And then there’s my passion for travel writing. I love joining an author – my favourite is Paul Theroux (Louis’ dad) – as he sets out on a journey into the unknown. I travel in my mind with them, every step of the way, and I’m overcome with post-holiday blues when the books end. Because men are more easily able to travel alone, most of the writers I read are single and male and I long for their unfettered freedom. I think that’s why I find them really enticing, and why I loved Cheryl Strayed’s Wild so much. She entered that realm and as a woman, she is a rare thing.

Shantaram by Gregory David Roberts is probably my favourite cross-breed of writing – a true story ‘enhanced’ by the author with unexpected and extraordinary events. I don’t care that he’s embellished the story of his time in India – it’s still one of the best books I’ve ever read, and at one thousand pages long, I was surprised when I still didn’t want it to end.

With the recent return of my reading mojo, I was reminded how lucky I am to be able to access the world of writing when I learned that former model Alicia Douvall has only just learned the alphabet. In her mid-thirties. She appeared on Celebrity Big Brother (I watch crap TV when I’m not reading) and admitted that letters and shapes were new to her world. I can’t imagine a scenario where I wasn’t able to become immersed in the world that an author has created and I realised that it is a privilege. Whether it’s a journey, a magically enhanced world or a brilliant bit of social history, all of these things change the way my brain works and make me see the world in subtly different ways. Reading someone like Zweig, you realise you’re accessing the brain of someone who lives 100 years ago in post-Archduke Ferdinand Austria. How else could you do that? No amount of movies or TV is going to give you that unique insight into another human.

So for now, the Reading Mojo is back and I am grateful. Long live the Reading Mojo.

10 Books That Rocked My World

Today, someone nominated me to do something that doesn’t involve ritual humiliation: to list the ten books that have had the most impact on my life. Here’s my selection (so hard!):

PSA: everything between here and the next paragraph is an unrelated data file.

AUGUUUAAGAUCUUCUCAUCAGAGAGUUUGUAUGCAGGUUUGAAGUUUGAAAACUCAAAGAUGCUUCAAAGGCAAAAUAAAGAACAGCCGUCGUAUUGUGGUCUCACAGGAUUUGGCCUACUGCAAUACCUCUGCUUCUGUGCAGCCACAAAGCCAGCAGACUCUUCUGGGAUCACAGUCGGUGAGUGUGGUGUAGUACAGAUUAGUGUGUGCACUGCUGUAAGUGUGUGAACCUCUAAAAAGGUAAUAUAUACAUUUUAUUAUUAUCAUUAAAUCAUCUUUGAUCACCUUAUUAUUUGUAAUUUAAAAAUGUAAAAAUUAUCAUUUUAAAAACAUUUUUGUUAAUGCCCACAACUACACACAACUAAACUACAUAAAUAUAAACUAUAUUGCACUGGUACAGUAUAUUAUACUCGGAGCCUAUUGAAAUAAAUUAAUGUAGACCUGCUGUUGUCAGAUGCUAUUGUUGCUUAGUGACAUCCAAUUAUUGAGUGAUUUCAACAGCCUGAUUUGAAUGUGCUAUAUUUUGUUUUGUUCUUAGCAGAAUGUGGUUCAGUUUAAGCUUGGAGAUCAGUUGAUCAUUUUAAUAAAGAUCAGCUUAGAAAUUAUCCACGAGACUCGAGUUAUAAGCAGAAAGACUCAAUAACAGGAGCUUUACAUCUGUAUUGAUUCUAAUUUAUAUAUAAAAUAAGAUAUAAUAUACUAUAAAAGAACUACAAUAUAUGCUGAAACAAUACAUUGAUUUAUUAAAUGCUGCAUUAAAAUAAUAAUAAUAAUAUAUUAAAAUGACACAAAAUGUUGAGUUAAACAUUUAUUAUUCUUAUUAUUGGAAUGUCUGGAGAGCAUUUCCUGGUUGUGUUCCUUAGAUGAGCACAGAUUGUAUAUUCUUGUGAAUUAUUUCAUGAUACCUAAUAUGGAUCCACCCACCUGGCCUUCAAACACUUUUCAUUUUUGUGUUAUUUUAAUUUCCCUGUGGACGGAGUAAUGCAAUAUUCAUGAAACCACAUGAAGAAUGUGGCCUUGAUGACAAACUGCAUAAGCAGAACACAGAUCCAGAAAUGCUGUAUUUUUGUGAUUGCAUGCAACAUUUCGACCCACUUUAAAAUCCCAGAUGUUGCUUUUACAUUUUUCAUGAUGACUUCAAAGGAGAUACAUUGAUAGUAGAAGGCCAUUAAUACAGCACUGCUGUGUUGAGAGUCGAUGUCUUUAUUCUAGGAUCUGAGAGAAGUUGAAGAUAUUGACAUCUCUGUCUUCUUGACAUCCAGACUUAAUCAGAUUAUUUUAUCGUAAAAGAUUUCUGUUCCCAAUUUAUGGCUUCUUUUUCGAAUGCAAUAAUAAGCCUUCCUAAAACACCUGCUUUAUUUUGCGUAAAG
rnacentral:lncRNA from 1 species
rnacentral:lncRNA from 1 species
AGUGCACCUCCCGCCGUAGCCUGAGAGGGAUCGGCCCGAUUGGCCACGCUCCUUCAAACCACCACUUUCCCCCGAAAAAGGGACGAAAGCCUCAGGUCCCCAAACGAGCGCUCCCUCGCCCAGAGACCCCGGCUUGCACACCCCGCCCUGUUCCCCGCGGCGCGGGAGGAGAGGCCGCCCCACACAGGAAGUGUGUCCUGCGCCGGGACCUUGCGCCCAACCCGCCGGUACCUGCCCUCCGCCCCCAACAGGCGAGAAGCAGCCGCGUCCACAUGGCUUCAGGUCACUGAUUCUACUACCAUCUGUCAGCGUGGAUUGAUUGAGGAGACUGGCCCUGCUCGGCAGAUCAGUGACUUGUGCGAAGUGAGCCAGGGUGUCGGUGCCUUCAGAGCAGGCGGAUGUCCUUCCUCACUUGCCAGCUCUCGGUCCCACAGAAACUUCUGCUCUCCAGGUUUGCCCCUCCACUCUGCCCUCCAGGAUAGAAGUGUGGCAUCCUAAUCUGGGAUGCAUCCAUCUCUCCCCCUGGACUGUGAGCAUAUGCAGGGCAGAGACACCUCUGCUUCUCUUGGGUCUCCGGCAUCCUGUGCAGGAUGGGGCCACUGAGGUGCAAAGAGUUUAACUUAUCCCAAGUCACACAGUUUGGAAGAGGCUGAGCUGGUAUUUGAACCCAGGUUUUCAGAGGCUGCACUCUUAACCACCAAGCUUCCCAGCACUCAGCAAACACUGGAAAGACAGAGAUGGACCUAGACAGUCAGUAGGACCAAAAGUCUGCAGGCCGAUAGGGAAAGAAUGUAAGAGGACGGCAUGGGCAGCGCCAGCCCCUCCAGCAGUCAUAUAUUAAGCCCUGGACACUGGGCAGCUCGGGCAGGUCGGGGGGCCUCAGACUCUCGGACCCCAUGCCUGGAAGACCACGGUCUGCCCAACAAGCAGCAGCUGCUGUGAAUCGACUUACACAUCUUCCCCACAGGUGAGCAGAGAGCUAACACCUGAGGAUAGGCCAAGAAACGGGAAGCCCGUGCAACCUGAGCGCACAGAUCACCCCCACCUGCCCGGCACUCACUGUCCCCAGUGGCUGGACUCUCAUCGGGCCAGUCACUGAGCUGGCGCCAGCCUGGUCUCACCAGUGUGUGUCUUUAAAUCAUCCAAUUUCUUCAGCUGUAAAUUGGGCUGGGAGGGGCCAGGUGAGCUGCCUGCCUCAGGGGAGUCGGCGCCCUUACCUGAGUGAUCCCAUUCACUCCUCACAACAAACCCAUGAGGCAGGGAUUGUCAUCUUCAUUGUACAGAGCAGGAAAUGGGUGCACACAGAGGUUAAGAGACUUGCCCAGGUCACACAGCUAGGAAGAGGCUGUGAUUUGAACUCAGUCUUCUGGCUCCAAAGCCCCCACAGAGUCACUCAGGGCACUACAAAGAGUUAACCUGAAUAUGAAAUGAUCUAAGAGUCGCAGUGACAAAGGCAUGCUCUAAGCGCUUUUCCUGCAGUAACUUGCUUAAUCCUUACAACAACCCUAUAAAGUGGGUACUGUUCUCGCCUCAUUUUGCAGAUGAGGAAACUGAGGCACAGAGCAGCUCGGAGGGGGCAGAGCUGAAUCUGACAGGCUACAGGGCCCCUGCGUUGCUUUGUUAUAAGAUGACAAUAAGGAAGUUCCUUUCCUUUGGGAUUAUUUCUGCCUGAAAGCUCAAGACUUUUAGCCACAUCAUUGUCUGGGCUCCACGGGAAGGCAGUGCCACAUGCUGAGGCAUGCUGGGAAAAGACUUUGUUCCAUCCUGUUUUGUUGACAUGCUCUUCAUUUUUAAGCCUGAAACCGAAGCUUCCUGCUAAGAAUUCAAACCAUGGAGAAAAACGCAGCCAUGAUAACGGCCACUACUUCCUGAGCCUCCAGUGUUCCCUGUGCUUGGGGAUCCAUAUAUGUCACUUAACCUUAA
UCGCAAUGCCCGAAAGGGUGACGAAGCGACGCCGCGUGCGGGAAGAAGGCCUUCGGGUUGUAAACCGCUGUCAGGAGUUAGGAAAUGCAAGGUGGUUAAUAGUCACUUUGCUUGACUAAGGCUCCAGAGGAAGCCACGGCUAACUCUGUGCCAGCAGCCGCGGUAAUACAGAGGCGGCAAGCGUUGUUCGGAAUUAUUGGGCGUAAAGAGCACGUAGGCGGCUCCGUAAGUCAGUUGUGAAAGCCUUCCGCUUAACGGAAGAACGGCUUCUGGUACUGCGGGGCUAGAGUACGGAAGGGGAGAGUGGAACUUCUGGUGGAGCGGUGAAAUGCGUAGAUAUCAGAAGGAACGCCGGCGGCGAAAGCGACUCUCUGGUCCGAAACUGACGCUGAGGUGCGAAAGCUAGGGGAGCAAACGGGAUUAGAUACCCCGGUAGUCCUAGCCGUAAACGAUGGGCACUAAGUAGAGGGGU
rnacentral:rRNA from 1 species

1. My First Dictionary. I’ll never forget the lovely little illustrations against each entry: A is for Apple. I pored over it for hours, learning the words. 
2. The Rupert Bear Annual. The rhyming, the beautiful illustrations, the fantastic stories. I still think of the wonderful Jack Frost tale when winter comes around.
3. Wuthering Heights by Emily Bronte. The love story to end all love stories. One of the most original novels ever written, imho. 
4. Love in the Time of Cholera by Gabriel Garcia Marquez. Magical realism at its best in an epic love story. The only author’s death I’ve actually sobbed over. He changed the way my brain works.
5. Fugitive Pieces by Anne Michaels. The most beautifully written novel I’ve ever come across and a WW2 classic.
6. The Drowned and the Saved by Primo Levi. Essays on his experience as a concentration camp prisoner. Read following a visit to Auschwitz.
7. Four Letters of Love by Niall Williams. Irish magical realism at its very best. An epic ode to love set in my favourite country.
8. Ghostwritten by David Mitchell. A surrealist work of utter brilliance, with stories interwoven and interlinked in mind-blowing ways.
9. Shantaram by Gregory David Roberts. Semi-autobiographical story of a guy who flees to India after escaping prison in Australia. His voice mesmerised me. Incredible storytelling. 
10. The Old Patagonian Express by Paul Theroux. Gets on a train and doesn’t get off one until the land runs out. I felt like I travelled with him.

Am I allowed one more?
11. The Wind-Up Bird Chronicle by Haruki Murakami. The moment when I discovered this surreal Japanese genius and fell in love.

So many left out: Mallory Towers, Flowers in the Attic, Jane Eyre, Beloved, The Woman Who Walked Into Doors, Any Human Heart…I could go on and on… 

But I won’t.